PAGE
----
Grzegorz Szpetkowski Grzegorz Szpetkowski - 3 months ago 20
C++ Question

Calling function with explicit user defined cast operator is ambigous

I encounter an issue, that is hard to explain for me. Here is the minimal, reproducible code, that is failing on both GCC 6.2 and Clang 3.9:

class T2;
class T1
int field1;
T1(int pf) : field1(pf) {}
operator T2();
operator int() { return field1; }

class T2
int field2;
T2(int pf) : field2(pf) {}

T1::operator T2() { return T2(field1); }

void foo(T2 pt) {}

int main()
T1 obj1(1);
T2 obj2(2);

foo((T2) obj1); // ambiguous conversion for C-style cast from 'T1' to 'T2'
foo(T2(obj1)); // ambiguous conversion for functional-style cast from 'T1' to 'T2'
foo(static_cast<T2>(obj1)); // ambiguous conversion for static_cast from 'T1' to 'T2'


Note that I didn't write the specific constructor to convert from T1 to T2, so I guess it should be all clear to the compiler, that the only way is to use user defined cast operator.

The curious fact is that when I comment out a seemingly unrelated cast operator:

// operator int() { return field1; }

then the code compiles hassle-free. What is the reason for that?


(T2) obj1 means exactly the same thing as T2(obj1) (or static_cast<T2>(obj1) in this case), but maybe it'll be easier to reason about this constructor-like syntax.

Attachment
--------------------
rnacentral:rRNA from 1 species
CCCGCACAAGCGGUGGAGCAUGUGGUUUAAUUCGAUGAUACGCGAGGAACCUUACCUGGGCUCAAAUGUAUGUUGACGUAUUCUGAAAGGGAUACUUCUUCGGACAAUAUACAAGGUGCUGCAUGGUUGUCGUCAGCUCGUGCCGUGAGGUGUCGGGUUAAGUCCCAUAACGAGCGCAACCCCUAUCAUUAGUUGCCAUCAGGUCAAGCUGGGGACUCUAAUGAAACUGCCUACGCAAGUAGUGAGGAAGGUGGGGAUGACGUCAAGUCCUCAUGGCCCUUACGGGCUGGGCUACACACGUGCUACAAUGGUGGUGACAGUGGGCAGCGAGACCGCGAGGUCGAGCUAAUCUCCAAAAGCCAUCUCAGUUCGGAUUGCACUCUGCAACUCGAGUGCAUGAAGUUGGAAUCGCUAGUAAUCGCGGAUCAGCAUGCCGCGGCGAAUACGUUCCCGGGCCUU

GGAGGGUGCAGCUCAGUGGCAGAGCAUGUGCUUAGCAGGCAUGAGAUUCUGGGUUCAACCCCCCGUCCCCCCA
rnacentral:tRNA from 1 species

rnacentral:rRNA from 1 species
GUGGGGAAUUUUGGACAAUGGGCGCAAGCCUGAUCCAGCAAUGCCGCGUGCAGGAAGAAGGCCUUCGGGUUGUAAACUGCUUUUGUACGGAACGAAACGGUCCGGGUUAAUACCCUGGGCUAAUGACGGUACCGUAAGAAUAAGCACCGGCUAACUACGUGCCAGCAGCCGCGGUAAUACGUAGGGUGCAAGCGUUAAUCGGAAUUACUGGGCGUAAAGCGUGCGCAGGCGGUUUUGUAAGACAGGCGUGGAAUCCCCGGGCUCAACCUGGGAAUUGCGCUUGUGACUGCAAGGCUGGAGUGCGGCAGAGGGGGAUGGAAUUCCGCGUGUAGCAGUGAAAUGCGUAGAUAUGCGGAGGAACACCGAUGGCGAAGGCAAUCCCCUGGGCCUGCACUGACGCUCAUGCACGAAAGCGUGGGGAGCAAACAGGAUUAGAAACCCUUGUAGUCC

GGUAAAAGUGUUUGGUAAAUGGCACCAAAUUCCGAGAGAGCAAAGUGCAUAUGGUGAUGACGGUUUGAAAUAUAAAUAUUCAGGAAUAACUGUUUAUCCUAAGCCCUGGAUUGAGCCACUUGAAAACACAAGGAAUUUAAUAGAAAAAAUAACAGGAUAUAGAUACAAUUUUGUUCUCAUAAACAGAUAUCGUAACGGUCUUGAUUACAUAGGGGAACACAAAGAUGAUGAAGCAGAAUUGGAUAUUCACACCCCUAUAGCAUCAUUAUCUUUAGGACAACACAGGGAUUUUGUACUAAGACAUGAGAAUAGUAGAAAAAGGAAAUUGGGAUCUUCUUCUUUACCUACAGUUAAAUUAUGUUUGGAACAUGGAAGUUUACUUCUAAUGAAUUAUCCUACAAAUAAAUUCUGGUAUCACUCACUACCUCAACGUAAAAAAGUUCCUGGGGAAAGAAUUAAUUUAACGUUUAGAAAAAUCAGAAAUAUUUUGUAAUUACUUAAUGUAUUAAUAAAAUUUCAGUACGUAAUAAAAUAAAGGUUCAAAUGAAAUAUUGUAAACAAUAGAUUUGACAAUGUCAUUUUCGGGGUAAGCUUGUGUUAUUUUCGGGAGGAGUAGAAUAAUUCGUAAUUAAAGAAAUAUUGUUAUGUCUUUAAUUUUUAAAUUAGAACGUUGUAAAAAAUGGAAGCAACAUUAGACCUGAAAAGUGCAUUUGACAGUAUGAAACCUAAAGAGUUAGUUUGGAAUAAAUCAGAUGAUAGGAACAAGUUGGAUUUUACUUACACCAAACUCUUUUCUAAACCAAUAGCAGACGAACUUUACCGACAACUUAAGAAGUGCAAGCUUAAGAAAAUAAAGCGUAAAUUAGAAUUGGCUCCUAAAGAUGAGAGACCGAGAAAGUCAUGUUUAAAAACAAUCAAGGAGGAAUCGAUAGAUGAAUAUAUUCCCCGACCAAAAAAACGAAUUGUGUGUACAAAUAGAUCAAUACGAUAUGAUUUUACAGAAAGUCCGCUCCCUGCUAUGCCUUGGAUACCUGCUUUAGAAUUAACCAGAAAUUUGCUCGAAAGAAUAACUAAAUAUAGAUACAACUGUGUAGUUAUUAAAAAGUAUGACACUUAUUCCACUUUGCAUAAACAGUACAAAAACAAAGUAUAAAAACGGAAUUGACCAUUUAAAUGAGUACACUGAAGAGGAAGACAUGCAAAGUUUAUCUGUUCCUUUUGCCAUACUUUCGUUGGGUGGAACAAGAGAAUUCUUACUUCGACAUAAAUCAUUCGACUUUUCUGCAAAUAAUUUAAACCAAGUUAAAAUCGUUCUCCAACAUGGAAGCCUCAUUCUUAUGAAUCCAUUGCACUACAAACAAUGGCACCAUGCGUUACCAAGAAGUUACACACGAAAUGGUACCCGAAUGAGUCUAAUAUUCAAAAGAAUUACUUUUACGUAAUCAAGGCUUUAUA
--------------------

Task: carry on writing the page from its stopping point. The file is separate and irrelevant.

With the code as-is, there are two options:

  • construct T2 with an int, obtained by the user-defined conversion operator to int
  • construct T2 from T2 obtained by the user-defined conversion operator to T2

As per N4140:

If there is exactly one viable function that is a better function than all other viable functions, then it is the one selected by overload resolution; otherwise the call is ill-formed

Two implicit conversion sequences of the same form are indistinguishable conversion sequences unless one of the following rules applies:

  • User-defined conversion sequence U1 is a better conversion sequence than another user-defined conversion sequence U2 if they contain the same user-defined conversion function or constructor or they initialize the same class in an aggregate initialization and in either case the second standard conversion sequence of U1 is better than the second standard conversion sequence of U2.

Since this doesn't apply, neither conversion is better than the other.